My trip to East Lansing this weekend gave me a lot to dislike about the green and white. Their campus is pointlessly vast and desolate. They have a strange obsession with Busch Light, and that drainage ditch they call the Red Cedar kind of smells.

But there is one thing right about Spartan football Saturdays. Though Michigan’s student section triumphs over Michigan State’s in style, tradition and now volume, the Spartans’ way of seating students is superior to ours. At Michigan Stadium, this method could eliminate many headaches for fans and end the current haphazard seating delegation system. Even though I’m having a hard time convincing myself that giving up my personal piece of the Big House would be a good idea, I still think Michigan should make its student section first come, first dibs.

While I waited for my season tickets to arrive this summer, I was ecstatic. Finally, as a senior, I wouldn’t need supplemental oxygen to stave off hypoxia as I watched maize and blue ants scurry about from my lofty perch above row 80. With “low” hopes, I tore open my envelope and promptly lost much of my faith in humanity. Section 30, row 40, just halfway down the bowl.

I don’t know why I’m not sitting pretty in row 15 like I had always dreamed. Did I apply too late? Were too many people in my seating group? Too few? Had all those people in rows 1-39 amassed more credits than I did, or was I just unlucky? I’m sure many students are thrilled with their seemingly arbitrarily determined seats, but as an obvious loser in that drawing, frankly, I’m peeved.

In most stadiums, including the remainder of Michigan Stadium, the more you’re willing to pay, the better seats you have. Staggering the seating price in the student section might raise the chance of obtaining desirable seats for those who have the cash, but the price difference between the upper and lower rows would have to be massive to make a reasonable impact on which section students would choose. Also, raising some student section tickets above $25 would prevent many students on a limited budget from attending the games.

The simplest solution is also the fairest — make the student section first come, first served. Michigan could open a designated waiting section on Friday before game day and award the diehards who arrive early their choice of seats. As less crazed students file in hours before kickoff, they simply sit in the best open seat they see. Michigan State does it, and it works.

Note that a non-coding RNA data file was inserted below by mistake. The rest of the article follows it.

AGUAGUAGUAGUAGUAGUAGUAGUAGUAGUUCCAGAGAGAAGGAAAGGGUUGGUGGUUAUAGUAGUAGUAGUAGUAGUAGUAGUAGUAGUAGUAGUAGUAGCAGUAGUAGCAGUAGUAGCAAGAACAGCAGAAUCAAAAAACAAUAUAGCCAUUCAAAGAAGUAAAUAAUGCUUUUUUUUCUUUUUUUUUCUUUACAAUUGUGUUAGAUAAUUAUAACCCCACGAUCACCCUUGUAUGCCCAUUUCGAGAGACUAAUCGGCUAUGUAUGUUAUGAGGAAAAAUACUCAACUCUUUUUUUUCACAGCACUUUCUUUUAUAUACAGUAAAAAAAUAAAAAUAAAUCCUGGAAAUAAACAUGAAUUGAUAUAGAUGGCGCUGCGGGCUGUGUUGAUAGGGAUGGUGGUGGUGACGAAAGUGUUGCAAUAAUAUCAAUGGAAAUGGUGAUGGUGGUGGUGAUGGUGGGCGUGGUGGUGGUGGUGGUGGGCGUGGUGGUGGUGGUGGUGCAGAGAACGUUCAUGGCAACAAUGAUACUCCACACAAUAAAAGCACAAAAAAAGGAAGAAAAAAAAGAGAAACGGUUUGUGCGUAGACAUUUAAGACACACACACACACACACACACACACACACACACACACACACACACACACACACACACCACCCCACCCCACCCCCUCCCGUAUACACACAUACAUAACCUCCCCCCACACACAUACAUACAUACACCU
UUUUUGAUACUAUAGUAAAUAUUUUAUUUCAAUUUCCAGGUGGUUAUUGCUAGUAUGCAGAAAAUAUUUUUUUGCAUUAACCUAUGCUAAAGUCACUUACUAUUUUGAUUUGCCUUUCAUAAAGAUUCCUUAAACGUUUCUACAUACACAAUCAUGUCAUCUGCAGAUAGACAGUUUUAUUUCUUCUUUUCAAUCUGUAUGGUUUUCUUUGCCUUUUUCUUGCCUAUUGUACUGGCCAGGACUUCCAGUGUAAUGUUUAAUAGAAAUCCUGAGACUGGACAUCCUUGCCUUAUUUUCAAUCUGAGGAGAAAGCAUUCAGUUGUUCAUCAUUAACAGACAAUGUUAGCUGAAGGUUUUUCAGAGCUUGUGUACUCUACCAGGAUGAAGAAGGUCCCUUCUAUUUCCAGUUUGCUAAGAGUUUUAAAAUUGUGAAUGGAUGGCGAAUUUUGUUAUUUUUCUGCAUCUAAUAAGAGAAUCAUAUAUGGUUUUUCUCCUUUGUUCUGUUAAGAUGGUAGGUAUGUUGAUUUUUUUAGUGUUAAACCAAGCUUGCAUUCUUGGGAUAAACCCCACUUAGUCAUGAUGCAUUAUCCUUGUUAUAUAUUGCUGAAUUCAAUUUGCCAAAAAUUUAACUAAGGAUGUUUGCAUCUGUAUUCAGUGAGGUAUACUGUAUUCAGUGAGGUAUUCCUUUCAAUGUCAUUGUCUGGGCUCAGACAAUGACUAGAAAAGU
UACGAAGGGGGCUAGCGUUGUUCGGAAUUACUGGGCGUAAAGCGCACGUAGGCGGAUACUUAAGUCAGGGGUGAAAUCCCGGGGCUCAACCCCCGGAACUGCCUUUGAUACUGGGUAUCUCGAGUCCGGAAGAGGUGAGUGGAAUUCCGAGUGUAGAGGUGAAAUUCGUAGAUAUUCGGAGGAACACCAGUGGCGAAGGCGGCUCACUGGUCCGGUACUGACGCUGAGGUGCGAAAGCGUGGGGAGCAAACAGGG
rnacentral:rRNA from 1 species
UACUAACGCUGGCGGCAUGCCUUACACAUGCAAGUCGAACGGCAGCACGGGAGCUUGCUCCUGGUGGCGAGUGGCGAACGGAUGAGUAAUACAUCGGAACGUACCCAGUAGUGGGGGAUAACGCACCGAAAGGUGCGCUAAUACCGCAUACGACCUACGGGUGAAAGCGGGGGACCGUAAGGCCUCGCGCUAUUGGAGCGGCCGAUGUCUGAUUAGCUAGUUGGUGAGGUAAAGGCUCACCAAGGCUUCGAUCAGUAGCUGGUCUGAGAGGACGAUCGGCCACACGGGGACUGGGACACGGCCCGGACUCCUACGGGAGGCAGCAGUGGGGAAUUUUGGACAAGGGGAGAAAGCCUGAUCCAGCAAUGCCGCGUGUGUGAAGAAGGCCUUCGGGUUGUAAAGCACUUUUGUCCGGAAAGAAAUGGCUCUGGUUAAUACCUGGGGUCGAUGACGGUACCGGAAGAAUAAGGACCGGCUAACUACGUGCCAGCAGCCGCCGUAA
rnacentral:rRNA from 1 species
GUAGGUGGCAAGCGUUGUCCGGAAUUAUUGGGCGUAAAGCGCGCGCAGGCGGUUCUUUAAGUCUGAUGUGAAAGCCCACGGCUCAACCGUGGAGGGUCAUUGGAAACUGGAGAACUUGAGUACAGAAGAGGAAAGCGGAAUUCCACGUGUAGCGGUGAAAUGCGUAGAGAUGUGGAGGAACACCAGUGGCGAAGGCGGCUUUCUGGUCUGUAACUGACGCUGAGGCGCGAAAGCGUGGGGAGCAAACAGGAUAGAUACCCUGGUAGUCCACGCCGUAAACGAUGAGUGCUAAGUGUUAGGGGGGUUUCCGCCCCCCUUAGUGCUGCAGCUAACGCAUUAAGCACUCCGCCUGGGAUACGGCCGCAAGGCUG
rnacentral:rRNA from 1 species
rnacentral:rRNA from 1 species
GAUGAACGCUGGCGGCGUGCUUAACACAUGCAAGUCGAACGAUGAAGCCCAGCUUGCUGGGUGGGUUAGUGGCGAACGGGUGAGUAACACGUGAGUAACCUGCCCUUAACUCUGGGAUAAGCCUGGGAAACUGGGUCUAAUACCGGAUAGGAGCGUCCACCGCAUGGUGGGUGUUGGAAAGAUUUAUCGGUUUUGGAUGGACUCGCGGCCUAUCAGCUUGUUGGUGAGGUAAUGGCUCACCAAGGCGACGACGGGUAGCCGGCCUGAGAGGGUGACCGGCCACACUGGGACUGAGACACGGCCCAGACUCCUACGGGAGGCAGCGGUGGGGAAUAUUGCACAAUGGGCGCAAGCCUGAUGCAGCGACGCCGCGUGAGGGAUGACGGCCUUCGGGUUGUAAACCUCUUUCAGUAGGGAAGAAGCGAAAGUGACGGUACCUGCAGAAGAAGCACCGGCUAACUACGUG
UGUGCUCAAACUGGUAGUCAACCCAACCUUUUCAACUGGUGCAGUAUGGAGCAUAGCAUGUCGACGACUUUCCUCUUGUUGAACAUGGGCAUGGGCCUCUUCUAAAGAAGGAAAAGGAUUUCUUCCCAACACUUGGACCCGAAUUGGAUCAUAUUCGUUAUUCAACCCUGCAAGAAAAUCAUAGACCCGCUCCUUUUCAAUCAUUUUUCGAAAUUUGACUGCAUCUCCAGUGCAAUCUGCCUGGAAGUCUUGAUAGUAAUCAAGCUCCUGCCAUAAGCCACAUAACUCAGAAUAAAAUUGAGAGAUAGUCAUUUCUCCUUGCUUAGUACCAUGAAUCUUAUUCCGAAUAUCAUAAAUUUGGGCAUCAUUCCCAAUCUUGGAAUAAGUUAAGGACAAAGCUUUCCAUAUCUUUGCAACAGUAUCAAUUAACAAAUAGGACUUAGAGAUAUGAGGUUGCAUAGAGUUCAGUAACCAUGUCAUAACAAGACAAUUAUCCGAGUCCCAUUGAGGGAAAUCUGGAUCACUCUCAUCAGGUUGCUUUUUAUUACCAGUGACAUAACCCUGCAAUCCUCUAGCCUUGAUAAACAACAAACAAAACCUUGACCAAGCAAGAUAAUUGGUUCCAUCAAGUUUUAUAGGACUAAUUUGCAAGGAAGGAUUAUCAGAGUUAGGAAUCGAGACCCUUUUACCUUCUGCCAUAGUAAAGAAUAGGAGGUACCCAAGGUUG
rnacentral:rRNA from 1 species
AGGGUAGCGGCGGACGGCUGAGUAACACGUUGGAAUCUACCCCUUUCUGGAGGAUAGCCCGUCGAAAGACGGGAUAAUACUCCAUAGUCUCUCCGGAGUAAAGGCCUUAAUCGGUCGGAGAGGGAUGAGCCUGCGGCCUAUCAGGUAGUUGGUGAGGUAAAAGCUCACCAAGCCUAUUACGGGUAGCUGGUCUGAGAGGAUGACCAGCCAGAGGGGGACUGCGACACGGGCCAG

The benefits are plentiful. If I really wanted to sit in the front row during the Ohio State game, I could, but I better plan on bringing my camping gear. The desire to snag good seats would give me another motivation to wake up earlier and, naturally, party earlier. Any excuse for that is good by me. Best of all, the student section would be forever purged of latecomers whining about their occupied seats.

I can’t stress enough what a joy this would be. It’s incredible how so many people are astonished when they stumble into the stadium at the end of the first quarter and find their seats taken. Nothing disrupts the game more than the inevitable arguments, and often belligerency, that follows.

With thousands of students cramming into bleachers with no seat backs, it’s too easy for someone to migrate away from their assigned seat. All it takes is one wanderer and one jackass to start a chain reaction with the potential to ruin the game experience of many. First come, first served would end that. People may worry about the potential of overcrowding in the more popular rows. Well, come talk to me during the Penn State game and I’ll show you that it’s already a problem … in row 40!

I’m not naïve. I know that if I had a better seat this year, I probably wouldn’t be complaining. I’d also be a fool if I didn’t admit that I enjoy taking my seat — usually without problems — just moments before Blue runs under the MClub banner. But the more I think about it, the more first come, first served seating makes sense to me. The Athletic Department should seriously consider the shift, even if only as an experiment.

In the meantime, if everyone in rows 38-42 could arrive at the next game before kickoff, that would be super.

Chris Koslowski can be reached at

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